Stenger and Page at it again: only this time regarding the 2018 county budget

In a press conference held on Tuesday, St. Louis County Executive Steve Stenger rebuked Councilman Sam Page’s claims that the county budget was out of balance.

Late Monday, Page released a letter to Stenger suggesting that there was an “impending financial crisis” due to the county executive’s staff reportedly saying they would need $18 million in either cost reductions or property tax increases in order to submit a balanced budget next year.

From left to right: County Councilman Dolan, County Executive Stenger, County Councilman Page

Stenger said Page’s claims were false and in fact the county’s bond rating was awarded a prestigious honor.

“County government will not increase taxes or cut services,” Stenger said. “Secondly, the county’s budget is sound and will remain so. In fact, in recognition of our healthy financial status, the nation’s top budget rating agency awarded St. Louis County the distinguished status of a triple-A bond rating. A coveted designation awarded to no less than 8 percent of governmental organizations in the United States.”

The county executive also said St. Louis County will continue to provide responsible budget decisions and will live within its means.

This is just the latest chapter in the war taking place in St. Louis County government.

Stenger and Page have sparred this year over the proposed Creve Coeur Lake Memorial park ice rink, St. Louis County Auditor Mark Tucker’s position and St. Louis County Police Department raises.

In October, Councilman Page with Councilmembers Ernie Trakas, Rochelle Walton-Gray, and Hazel Erby filed a suit against Stenger in regards to him blocking County Auditor Mark Tucker from hiring additional staff.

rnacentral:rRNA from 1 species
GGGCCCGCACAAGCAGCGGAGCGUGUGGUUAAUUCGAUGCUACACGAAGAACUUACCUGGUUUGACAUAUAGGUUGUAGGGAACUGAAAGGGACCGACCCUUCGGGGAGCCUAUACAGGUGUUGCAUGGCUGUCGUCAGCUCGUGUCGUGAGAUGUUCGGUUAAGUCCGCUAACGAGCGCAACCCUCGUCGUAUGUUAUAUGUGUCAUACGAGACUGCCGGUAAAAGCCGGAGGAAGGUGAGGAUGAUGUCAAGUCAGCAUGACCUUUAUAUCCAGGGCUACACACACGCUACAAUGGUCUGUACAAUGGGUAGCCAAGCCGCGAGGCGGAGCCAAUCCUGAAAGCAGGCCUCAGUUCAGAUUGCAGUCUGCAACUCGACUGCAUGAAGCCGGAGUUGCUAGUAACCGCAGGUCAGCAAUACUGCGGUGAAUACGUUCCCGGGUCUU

Councilman Sam Page

According to the lawsuit, it “arises out of an attempt by the St. Louis County Executive to interfere with the County Auditor’s work in auditing the executive branch of County Government. The County Charter provides that the County Council shall appoint the County Auditor and hire the Auditor’s staff. But the County Executive and his appointees have been interfering with that process by frustrating efforts by the Auditor to hire auditing staff.”

Stenger told reporters at Tuesday’s press conference that he expects the lawsuit will be dismissed and that it was completely unnecessary.

“The status of the lawsuit is (that) we were served just a few weeks ago and we’re reviewing it for various legal issues,” he said. “I would anticipate that a motion to dismiss would be filed at some point to dismiss that lawsuit. I think it’s frivolous.”

The St. Louis County Council this week is scheduled to discuss the county’s proposed budget at various committee hearings, and on Tuesday the council will have its regularly scheduled meeting at the county government building.

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